The Searchlight Series

The Searchlight Series

Eastern State Penitentiary Presents
The Searchlight Series:
Conversations About Crime, Justice, and the American Prison System


Eastern State Penitentiary Historic Site partners with nationally recognized penologists and educators to present an ongoing discussion series about crime, justice, and the American prison system. The Searchlight Series discussions take place the first Tuesday of every month, free and open to the public. No reservations required. The 2015 schedule is as follows:

Tuesday, January 6
Tuesday, February 3
Tuesday, March 3
Tuesday, April 7
Tuesday, May 5
Tuesday, June 2
Tuesday, July 7
Tuesday, August 4
Tuesday, September 1
Tuesday, October 6
Tuesday, November 3
Tuesday, December 1

The Searchlight Series is supported in part by a grant from The George W. Rentschler Foundation. Discussion topics and speakers listed below. (Some topics TBA.) Click here for a list of last year's discussions.


Betty Jean Thompson: The Impact of Incarceration Upon Families and Communities

Betty Jean ThompsonTuesday, January 6, 6:00 - 7:00 pm
Free. No reservations required.

The mother of a formerly incarcerated man, Ms. Thompson will use excerpts from her book A Small Candlelight to explore the impact of mass incarceration on communities.

She will discuss “realistic healing approaches” to help incarcerated and formerly incarcerated individuals, their families, and their communities to “minimize the oppressive nature of Incarceration.”

Leslie Guy: Finding Our Way

Tuesday, February 3, 6:00 - 7:00 pm
Free. No reservations required.

Leslie Guy at Eastern State Penitentiary Searchlight SeriesMuseums are often seen as places that exhibit and preserve historical art and artifacts. Yet some museums are establishing their role as a forum for the critical dialogues of today.

Leslie Guy, Director of Curatorial Services at the African American Museum in Philadelphia, will discuss the museum’s accomplishments and continuing challenges in telling stories that address contemporary human rights issues.

Sue Osthoff: Working for Justice for Victims of Battering Charged with Crimes

Tuesday, March 3, 6:00 - 7:00 pm
Free. No reservations required.Sue Osthoff at Eastern State Penitentiary's The Searchlight Series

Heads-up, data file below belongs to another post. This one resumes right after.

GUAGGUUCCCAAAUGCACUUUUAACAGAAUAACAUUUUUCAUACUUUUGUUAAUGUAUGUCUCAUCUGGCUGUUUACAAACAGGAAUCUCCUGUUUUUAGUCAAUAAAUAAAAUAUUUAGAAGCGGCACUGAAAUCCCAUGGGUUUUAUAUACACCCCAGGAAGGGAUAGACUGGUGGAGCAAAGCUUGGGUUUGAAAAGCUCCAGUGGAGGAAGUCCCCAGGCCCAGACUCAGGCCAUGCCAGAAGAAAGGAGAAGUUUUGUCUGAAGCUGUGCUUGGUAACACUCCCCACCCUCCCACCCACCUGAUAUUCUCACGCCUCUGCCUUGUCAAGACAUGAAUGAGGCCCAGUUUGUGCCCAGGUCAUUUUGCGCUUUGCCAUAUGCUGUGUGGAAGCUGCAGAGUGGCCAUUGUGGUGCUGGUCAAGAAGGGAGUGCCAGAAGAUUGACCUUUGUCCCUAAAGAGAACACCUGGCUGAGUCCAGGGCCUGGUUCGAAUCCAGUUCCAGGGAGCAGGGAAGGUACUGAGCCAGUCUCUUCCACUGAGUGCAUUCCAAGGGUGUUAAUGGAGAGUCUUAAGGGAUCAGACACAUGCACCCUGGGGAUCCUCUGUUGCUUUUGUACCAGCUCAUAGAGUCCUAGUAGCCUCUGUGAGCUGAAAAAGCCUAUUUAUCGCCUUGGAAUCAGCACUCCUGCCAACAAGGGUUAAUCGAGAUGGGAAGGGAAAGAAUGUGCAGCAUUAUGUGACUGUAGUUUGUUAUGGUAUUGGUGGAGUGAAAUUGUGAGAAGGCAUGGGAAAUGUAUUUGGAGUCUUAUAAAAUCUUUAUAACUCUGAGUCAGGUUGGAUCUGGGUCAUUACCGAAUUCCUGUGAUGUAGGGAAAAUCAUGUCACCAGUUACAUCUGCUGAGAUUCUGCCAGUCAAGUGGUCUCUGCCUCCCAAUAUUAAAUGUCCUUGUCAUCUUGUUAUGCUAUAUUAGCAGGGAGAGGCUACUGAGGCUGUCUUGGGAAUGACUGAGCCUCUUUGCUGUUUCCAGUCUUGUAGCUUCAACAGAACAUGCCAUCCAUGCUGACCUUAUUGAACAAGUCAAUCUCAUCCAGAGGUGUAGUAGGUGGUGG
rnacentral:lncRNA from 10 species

Victims of domestic violence and abuse make up a large percentage of the ever-increasing number of people who are charged with crimes and/or incarcerated. Join Sue Osthoff, Director of the National Clearinghouse for the Defense of Battered Women, as she discusses some of the ways that victims of battering end up in the criminal legal system as defendants, the detrimental impact that criminal charges can have on a survivor’s safety and options, and strategies to increase justice for charged, incarcerated, and reentering victims of battering.

Exonerated from Death Row

Tuesday, April 7, 6:00 - 7:00 pm
Free. No reservations required.

Witness to Innocence at Eastern State Penitentiary's The Searchlight SeriesBoth Kirk Bloodsworth and Harold Wilson were given the death penalty for crimes they did not commit. They spent a combined 18 years on death row. Kirk was the first person released from death row in the United States because of DNA evidence; he now serves as a Board Member for the Pennsylvania Innocence Project. Harold is the sixth and most recent death row exoneree from Pennsylvania. They now tell their stories of wrongful conviction as members of Witness to Innocence, the nation's only organization of exonerated death row survivors.

Alice Goffman: On the Run

Tuesday, May 5, 6:00 - 7:00 pm
Free. No reservations required.

Alice GoffmanDrawing on six years of fieldwork in Philadelphia, Alice Goffman's book On the Run describes young men growing up as suspects and fugitives in the segregated Black neighborhoods torn apart by the war on crime and unprecedented levels of targeted imprisonment.

Alice Goffman is an urban ethnographer who grew up in Philadelphia, attended graduate school at Princeton, and now teaches at the University of Wisconsin-Madison.

Reception and book signing to follow.

Jennifer Storm: Protecting Victims' Rights

Tuesday, July 7, 6:00 - 7:00 pm
Free. No reservations required.

Jennifer StormThe rights of crime victims are sometimes overlooked in our criminal justice system. What is their role? How has that role been changing? What challenges face these families who, after all, have been pulled into the legal system by the violent or unlawful actions of others?

Jennifer Storm is Commonwealth Victim Advocate. She represents the rights and interests of crime victims generally throughout the Commonwealth and specifically regarding post-sentencing rights before the Board of Probation and Parole, Department of Corrections. Her office oversees notification to crime victims of the potential for inmate release and provides input to the board regarding all paroling decisions.